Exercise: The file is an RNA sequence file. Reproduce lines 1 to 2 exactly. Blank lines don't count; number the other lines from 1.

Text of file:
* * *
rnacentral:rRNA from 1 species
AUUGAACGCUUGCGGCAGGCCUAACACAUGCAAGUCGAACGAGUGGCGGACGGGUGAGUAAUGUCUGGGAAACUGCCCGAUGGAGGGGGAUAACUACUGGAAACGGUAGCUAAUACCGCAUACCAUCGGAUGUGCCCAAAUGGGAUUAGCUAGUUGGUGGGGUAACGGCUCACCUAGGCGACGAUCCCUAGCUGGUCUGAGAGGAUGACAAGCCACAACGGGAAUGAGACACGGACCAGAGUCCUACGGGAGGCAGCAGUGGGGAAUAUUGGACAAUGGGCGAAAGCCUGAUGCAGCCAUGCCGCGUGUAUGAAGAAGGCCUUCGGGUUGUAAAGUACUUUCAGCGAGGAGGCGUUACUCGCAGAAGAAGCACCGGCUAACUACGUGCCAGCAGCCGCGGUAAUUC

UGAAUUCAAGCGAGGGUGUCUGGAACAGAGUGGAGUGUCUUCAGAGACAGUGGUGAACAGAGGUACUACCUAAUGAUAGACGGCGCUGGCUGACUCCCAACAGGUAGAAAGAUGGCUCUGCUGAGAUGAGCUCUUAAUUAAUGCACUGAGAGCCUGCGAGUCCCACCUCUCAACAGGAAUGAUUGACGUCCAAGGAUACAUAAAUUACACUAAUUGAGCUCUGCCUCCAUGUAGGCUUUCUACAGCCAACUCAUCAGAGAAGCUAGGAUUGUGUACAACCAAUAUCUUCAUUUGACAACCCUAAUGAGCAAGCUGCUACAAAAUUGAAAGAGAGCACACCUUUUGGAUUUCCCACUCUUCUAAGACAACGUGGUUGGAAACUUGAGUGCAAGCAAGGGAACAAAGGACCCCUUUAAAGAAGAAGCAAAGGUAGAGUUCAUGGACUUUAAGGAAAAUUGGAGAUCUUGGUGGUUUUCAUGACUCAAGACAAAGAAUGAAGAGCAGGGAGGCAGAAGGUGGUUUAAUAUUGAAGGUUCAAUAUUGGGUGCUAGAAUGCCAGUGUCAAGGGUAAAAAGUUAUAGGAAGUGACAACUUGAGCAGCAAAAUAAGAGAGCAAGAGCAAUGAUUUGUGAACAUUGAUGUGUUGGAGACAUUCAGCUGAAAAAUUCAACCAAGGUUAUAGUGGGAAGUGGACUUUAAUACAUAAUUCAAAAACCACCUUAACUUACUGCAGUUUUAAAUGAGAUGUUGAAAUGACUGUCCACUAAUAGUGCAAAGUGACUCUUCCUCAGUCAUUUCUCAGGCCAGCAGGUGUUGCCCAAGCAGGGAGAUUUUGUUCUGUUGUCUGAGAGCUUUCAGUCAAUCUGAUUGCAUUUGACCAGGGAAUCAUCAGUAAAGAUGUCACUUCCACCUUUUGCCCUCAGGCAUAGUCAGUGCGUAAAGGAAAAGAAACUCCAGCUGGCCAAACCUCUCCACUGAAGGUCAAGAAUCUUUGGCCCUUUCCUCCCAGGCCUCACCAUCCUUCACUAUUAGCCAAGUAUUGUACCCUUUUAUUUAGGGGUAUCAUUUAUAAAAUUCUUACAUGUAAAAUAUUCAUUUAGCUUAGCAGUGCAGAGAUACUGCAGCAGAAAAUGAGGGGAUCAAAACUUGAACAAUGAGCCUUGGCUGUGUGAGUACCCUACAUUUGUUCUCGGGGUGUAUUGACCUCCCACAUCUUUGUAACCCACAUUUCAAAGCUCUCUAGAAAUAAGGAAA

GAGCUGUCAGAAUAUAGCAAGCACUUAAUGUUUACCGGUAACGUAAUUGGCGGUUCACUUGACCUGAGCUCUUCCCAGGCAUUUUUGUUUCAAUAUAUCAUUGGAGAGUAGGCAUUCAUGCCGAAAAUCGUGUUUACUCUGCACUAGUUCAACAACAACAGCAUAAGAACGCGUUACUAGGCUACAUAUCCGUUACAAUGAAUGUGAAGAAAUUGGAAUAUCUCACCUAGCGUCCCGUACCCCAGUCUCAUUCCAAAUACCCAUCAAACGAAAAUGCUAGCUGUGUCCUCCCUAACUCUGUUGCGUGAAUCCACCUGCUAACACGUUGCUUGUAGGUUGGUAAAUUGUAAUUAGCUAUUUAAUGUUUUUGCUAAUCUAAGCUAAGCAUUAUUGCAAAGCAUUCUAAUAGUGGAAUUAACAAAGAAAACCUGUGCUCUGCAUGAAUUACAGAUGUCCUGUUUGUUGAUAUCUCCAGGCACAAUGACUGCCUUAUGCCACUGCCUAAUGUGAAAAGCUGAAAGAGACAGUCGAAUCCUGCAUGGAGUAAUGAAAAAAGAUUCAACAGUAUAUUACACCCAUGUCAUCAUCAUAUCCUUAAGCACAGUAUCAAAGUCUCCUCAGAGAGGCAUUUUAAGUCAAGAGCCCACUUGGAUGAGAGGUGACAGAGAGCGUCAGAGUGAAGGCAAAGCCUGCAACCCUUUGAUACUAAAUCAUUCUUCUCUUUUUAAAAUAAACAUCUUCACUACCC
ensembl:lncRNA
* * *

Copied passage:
rnacentral:rRNA from 1 species
AUUGAACGCUUGCGGCAGGCCUAACACAUGCAAGUCGAACGAGUGGCGGACGGGUGAGUAAUGUCUGGGAAACUGCCCGAUGGAGGGGGAUAACUACUGGAAACGGUAGCUAAUACCGCAUACCAUCGGAUGUGCCCAAAUGGGAUUAGCUAGUUGGUGGGGUAACGGCUCACCUAGGCGACGAUCCCUAGCUGGUCUGAGAGGAUGACAAGCCACAACGGGAAUGAGACACGGACCAGAGUCCUACGGGAGGCAGCAGUGGGGAAUAUUGGACAAUGGGCGAAAGCCUGAUGCAGCCAUGCCGCGUGUAUGAAGAAGGCCUUCGGGUUGUAAAGUACUUUCAGCGAGGAGGCGUUACUCGCAGAAGAAGCACCGGCUAACUACGUGCCAGCAGCCGCGGUAAUUC